• reading from malloced memory without initializing it
  • writing beyond the end of an array
  • reading or writing malloced after it has been freed
  • freeing a pointer from malloc more than once
  • forgetting to free memory allocated with malloc

You may find it useful to build and run your program with AddressSanitizer to check for memory errors. To do this, pass the line -fsanitize=address to your compile command when you build the program. You can use the program as you normally would, but it will run a bit slower because it includes checks for memory accesses. If there are any errors, AddressSanitizer will print an error message that tells you the line of code where the error occurred, along with some other diagnostic information. You can read more about AddressSanitizer on its GitHub page.

Implementation Strategy

There are no strict requirements for how your implementation has to work, other than the rules about inputs and outputs above. Your implementation does not have to be fast, although it’s nice if it is. Your program could return ten interesting anagrams with lots of unique words, the first ten matches it finds, or every anagram it finds. You’re welcome to use any data structures you like, or you can operate directly on the dictionary file you use to find words.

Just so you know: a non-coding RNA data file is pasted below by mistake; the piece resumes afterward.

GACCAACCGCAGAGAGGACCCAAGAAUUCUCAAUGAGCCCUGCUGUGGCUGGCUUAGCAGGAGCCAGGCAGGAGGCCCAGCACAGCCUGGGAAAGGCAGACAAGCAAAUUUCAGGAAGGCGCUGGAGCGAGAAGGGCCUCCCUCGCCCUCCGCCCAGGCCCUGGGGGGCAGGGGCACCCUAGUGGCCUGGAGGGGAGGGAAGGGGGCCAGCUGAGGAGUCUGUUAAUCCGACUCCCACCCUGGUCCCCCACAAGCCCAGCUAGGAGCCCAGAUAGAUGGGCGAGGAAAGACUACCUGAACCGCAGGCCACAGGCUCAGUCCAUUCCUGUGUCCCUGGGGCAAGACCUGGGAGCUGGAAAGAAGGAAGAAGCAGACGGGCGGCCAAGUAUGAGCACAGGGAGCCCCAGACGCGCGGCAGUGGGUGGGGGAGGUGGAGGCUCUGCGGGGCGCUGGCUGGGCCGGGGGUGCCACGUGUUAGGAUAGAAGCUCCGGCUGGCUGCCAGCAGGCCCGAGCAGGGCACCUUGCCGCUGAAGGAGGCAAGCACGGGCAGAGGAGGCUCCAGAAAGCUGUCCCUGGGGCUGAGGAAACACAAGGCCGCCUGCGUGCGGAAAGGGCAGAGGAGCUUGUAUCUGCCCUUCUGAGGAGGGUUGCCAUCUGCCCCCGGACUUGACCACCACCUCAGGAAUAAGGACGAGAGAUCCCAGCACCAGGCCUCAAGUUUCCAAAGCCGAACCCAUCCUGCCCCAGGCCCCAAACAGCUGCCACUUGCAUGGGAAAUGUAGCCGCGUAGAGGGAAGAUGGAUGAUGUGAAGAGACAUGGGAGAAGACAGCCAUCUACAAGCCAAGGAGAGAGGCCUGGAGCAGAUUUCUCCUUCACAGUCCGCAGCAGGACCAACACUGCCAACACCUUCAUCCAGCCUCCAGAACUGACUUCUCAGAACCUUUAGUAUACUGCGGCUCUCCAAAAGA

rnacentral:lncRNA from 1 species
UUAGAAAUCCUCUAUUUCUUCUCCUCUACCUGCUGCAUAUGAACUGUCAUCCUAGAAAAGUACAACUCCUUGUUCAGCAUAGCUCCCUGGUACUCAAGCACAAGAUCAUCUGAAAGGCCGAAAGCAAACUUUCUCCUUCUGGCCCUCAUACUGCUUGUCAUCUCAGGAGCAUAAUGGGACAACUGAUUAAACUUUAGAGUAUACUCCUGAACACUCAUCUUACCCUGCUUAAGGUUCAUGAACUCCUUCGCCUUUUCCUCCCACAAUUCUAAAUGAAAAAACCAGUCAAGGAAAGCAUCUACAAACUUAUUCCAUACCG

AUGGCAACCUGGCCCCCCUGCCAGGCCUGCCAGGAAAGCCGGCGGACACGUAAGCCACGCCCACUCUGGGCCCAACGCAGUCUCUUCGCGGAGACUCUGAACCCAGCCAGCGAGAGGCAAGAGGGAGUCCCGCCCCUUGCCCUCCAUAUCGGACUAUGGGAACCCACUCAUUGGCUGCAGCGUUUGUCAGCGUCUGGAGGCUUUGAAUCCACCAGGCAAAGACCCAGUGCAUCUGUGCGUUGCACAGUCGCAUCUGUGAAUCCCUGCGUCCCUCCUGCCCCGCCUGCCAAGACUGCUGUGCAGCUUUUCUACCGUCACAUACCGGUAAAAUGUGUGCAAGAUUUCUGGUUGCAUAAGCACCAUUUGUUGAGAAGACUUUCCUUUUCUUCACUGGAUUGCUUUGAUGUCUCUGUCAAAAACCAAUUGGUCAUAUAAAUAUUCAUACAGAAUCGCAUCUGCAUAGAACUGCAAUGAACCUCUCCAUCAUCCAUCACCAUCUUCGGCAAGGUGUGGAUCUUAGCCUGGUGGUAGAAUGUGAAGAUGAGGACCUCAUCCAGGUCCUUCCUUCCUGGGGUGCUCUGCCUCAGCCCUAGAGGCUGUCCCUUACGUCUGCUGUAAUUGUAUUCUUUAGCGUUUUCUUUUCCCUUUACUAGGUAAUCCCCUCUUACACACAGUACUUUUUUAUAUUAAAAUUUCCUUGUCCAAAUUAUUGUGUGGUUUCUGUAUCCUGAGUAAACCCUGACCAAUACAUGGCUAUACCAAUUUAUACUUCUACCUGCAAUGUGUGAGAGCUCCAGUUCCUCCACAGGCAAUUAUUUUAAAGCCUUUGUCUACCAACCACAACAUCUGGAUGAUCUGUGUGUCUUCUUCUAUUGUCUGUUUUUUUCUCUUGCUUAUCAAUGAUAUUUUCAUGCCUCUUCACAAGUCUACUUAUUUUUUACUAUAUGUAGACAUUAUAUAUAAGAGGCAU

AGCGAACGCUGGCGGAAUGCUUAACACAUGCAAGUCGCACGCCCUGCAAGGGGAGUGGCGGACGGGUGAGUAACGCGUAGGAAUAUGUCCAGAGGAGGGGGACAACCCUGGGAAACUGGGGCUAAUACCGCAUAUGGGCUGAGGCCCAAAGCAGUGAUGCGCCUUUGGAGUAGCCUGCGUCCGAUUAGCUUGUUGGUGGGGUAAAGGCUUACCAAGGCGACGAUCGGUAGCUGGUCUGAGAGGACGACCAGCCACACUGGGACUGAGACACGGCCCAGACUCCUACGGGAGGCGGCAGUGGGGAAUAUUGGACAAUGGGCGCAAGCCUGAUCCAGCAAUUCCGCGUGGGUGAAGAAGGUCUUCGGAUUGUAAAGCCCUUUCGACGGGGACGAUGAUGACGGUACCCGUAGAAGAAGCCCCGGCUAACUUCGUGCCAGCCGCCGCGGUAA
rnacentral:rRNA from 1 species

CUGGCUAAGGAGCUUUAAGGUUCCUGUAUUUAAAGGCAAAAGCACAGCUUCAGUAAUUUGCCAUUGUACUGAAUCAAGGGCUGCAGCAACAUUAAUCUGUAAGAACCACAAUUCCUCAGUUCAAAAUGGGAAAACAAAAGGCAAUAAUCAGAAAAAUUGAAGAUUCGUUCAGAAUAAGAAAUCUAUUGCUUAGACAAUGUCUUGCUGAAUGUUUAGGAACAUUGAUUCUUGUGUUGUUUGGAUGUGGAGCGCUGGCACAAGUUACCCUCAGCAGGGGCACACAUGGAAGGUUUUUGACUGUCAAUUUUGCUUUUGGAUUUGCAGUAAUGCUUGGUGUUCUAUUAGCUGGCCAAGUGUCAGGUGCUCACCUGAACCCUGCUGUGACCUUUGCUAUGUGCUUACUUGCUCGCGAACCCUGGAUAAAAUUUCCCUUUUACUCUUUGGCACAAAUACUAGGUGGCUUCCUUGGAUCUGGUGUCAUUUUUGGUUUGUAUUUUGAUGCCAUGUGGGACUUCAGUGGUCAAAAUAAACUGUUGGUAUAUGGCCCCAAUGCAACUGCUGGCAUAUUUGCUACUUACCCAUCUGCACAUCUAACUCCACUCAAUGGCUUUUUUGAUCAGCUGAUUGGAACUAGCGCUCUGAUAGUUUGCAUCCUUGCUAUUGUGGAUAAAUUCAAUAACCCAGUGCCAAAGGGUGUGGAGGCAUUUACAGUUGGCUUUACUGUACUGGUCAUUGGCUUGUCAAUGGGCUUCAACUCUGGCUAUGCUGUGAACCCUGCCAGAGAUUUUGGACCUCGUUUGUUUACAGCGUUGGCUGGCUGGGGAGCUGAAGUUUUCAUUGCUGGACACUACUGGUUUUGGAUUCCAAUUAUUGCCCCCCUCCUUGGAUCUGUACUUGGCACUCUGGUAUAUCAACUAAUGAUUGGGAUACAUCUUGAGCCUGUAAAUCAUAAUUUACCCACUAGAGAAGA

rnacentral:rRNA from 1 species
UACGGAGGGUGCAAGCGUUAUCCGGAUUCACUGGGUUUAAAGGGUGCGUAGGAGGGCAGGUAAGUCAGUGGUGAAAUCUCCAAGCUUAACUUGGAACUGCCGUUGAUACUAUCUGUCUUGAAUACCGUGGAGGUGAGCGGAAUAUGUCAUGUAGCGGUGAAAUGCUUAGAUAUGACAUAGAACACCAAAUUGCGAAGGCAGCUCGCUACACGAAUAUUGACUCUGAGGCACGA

Use your best judgement to select an approach that will work without too much effort on your part. I’d rather see an complete but imperfect implementation than a failed attempt at an overly-complicated approach. If you think of ways to improve your program but do not have a chance to implement them, you’re welcome to describe them in the README file you include with your completed challenge.

Documentation

In addition to your implementation, please include a README file that answers the following questions:

  1. How do I build your anagram finder? Be sure to include exact commands, and any extra dependencies I may need to install to build or run your code.
  2. How do I run your anagram finder? Make sure to cover any restrictions on inputs.
  3. How does your anagram finder work? Give a rough overview of the search process. It may be helpful to reference specific functions or lines in your code.
  4. If your anagram finder does not print all the possible anagrams, how does it decide which ones to print?
  5. Are there any quirks, limitations, future plans, or other details you think I should know about your work?
  6. Cite any outside sources you used to complete your implementation.

Submitting Your Work